No activity is more likely to have the evo office grinding to a halt than scanning auction lists, and there’s some special metal up for sale at the Classic Car Auctions September Sale taking place in Warwickshire on Saturday.
From quaint classics to high-performance 1990s sports cars there’s something for virtually everyone. And, since it’s impossible for just one of us to choose which cars should reside in our own run-down of the lot list, the task has fallen to the whole office. These are our picks from the upcoming sale.
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Adam Towler, deputy editor - 1990 Lancia Delta Integrale 16v
Although there’re all sorts of potential attractions, some doubtless ruinous, at the moment I’m a little bit obsessed with Lancia Delta Integrales, particularly 16vs, so the choice of two here has my theoretical money. Despite what the ads may claim, neither are standard: both suffer from being ‘evolusionised’, the black car with its wheels, the white car with side skirts and rear wing. I imagine both could be returned to respectability fairly easy. As they’re from Japan and Italy respectively, rot shouldn’t be an issue, but given the motorsport relevance of a white one, that would probably be my choice.
James Disdale, road test editor - 1990 Lotus Elan
I’m expecting some abuse for this, but I reckon the M100 Lotus Elan is something of a hidden gem. Launched in 1989, it was the most expensively engineered car Lotus had ever produced, plus it was its first – and probably last – to feature front-wheel drive.
Developed with a typically Lotus focus on handling, the Elan redefined what was possible for a front-driver, and point-to-point it would leave vastly more powerful rivals trailing in its wake. This 165bhp turbocharged SE looks to be in decent nick and comes with stacks of history. Better still, there’s no reserve, which means you could bag a bargain.
Antony Ingram, staff writer - 1978 Isuzu 117 Coupe
Not a conventional choice I grant you, but when the little Japanese coupe – designed by Giorgetto Giugiaro – looks arguably even prettier than the 1970 Fiat 124 Coupe also for sale with CCA, it’s a difficult one to resist. The seller apparently bought and used it in Japan before importing it to the UK, which scores some cool points and maintains the comprehensive Japanese history. They’re exceedingly rare but with a £5k-£7k reserve, haven’t yet reached the monetary heights of some of Japan’s other contemporary icons. If it’s as delicate to drive as it looks, it’ll be a fantastic way into a true Japanese classic.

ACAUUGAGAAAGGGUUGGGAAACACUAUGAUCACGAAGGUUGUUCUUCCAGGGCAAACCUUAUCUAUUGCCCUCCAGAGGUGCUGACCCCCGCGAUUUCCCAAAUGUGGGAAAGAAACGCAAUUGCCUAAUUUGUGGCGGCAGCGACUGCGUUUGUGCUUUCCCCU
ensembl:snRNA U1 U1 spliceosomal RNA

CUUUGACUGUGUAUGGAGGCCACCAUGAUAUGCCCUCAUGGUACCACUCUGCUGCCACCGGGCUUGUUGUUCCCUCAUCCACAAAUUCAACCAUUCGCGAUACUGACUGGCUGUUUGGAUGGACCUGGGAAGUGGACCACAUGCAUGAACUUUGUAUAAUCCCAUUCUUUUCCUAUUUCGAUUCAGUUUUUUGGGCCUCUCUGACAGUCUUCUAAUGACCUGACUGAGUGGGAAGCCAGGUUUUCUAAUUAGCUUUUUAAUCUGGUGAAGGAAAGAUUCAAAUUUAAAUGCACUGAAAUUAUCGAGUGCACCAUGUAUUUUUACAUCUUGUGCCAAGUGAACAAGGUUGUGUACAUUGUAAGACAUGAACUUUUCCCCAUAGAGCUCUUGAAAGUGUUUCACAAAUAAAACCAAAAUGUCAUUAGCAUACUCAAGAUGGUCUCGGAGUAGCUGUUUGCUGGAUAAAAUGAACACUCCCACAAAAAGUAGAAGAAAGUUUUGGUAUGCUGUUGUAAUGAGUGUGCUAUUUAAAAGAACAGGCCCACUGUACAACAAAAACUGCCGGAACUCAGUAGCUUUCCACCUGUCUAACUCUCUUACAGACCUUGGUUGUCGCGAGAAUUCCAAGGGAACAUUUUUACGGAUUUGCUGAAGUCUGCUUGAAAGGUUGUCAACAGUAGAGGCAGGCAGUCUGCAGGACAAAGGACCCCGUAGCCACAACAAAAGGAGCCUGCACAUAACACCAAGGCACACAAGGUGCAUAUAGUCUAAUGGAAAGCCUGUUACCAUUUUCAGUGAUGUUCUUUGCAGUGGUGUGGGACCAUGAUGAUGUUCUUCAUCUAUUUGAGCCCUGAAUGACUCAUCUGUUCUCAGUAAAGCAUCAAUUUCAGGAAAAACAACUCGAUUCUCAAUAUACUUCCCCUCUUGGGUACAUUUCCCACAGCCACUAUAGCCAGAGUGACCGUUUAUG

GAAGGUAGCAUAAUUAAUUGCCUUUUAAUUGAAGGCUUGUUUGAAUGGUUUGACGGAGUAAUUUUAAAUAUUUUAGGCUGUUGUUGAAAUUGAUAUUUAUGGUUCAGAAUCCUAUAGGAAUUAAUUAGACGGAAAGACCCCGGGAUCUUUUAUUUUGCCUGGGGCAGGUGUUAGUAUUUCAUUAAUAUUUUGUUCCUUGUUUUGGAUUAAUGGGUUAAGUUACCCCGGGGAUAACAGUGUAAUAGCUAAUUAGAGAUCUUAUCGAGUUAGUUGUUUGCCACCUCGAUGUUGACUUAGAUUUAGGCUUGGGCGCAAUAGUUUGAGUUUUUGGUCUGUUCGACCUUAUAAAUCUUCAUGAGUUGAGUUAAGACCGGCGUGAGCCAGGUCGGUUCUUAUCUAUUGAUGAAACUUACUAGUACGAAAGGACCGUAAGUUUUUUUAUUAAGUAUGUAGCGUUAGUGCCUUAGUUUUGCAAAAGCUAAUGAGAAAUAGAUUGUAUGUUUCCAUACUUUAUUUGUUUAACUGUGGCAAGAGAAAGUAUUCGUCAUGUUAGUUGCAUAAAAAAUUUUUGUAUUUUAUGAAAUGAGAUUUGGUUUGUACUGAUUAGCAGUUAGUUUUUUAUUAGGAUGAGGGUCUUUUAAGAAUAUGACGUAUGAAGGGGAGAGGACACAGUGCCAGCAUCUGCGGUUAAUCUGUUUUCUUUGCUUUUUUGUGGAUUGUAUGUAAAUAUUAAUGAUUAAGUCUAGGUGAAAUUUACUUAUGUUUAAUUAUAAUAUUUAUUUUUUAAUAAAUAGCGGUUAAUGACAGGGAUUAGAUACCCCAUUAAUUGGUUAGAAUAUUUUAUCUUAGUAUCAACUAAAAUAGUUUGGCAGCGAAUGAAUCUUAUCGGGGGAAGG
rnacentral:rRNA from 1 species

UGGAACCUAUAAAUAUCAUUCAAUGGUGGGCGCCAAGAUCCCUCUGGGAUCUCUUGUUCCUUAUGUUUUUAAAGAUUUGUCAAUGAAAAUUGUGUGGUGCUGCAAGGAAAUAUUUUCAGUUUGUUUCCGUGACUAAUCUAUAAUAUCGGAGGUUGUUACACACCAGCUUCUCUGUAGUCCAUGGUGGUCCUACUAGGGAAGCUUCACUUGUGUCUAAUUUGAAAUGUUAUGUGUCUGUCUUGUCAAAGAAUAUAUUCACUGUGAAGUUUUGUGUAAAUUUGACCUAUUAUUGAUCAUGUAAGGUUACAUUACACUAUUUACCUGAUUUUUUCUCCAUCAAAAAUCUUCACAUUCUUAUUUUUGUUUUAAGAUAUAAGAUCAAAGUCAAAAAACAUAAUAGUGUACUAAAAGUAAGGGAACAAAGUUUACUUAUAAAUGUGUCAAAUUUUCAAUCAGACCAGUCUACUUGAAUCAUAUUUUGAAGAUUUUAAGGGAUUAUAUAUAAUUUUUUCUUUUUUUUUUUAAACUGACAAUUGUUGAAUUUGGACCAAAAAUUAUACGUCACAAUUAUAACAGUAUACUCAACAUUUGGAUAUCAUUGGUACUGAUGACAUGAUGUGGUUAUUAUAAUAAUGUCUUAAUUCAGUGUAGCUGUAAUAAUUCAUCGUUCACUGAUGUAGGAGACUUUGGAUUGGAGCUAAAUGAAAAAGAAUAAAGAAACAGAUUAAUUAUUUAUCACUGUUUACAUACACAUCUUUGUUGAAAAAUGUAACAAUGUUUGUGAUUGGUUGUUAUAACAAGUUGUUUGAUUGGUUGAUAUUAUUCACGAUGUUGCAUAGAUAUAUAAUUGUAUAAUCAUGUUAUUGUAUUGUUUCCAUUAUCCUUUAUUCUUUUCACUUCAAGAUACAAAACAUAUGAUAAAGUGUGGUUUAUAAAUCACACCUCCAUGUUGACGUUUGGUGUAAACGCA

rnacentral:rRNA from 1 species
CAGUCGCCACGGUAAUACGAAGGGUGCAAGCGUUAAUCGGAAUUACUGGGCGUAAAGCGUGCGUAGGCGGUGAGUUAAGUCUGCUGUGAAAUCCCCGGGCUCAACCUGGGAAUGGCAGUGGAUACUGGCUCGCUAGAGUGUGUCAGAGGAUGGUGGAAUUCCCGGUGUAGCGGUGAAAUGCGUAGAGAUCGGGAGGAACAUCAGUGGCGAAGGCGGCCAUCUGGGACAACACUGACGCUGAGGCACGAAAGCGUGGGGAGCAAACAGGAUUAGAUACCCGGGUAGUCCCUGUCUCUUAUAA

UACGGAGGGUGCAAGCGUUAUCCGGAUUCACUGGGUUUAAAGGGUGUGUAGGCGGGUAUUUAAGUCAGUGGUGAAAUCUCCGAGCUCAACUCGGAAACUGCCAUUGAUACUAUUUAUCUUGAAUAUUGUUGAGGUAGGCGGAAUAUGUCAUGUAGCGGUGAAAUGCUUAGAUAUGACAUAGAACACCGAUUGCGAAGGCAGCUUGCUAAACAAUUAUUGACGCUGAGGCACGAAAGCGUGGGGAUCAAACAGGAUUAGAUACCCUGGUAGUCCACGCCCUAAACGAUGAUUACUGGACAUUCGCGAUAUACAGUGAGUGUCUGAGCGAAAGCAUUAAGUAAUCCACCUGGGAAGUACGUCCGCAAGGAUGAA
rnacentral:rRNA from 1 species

Will Beaumont, staff writer - 1999 Holden GTS
If subtlety and class are key criteria when buying a car then you will not be interested in this Holden GTS. One of only 19 GTSs to come to the UK, this 1999 car was built by Holden Special Vehicles and has a 5.7-litre V8 that puts out 342bhp. It’s mechanically similar to the Vauxhall Monaro that made its way to our shores in higher numbers, except the GTS has two more doors. However, more important than that, more important even than its Australian V8 Supercars-style livery; it has a side exit exhaust. And that’s worth the £13,000 to £16,000 estimate alone.
Jordan Katsianis, content editor - 2000 BMW Z3 M Coupe
If there was a car I never thought would appeal to me upon its launch, it would have to be the BMW Z3. The small roadster, not as agile as an MX-5 and technically inferior to a Porsche Boxster, struggled to get a foothold with enthusiasts, even if sales were initially strong. The Z3 M Coupe on the other hand was a brilliant mix of an M3 engine and a tiny (stiffened) chassis. Its bread van styling divided opinion, but added crucial appeal and ability to the Z3 proposition. With age has also come a strong following, making a Z3 M Coupe quite the appealing anti-M3.
Lee Stern, content editor - 2001 Porsche 996 C4
Is there a better way to cut your teeth on a proper, high-performance sports car than a 911? Initially regarded with derision by enthusiasts for breaking with air-cooled tradition, the 996, in Carrera 4 guise, is a consummate all-rounder. This facelifted 996’s 3.6-litre drives through a six-speed manual box, directing power to all corners for maximum wet weather performance. Despite nearing the 100,000 mile mark, the comprehensive service history means few of the six's 315 horses are likely to have escaped and it should be in fine mechanical fettle. The sub-£15k estimate also makes it a cheap gateway into 911 ownership.
Matthew Hayward, editor classicandperformancecar.com - 1999 Honda Integra Type R
Most people say that the only colour for a DC2 is Championship White. I disagree. The black cars are just that little bit more subtle, especially with the black (as opposed to red) Recaros, and standard Anthracite wheels. UK cars are rare too, especially with sub-100k mileages, so a very original 59,000-mile is a very attractive proposition indeed. Expect some serious interest. CCA reckons it will sell for £6000-£8000. I’d expect it to be closer to (or even in excess of) the top figure, and it’s worth every penny...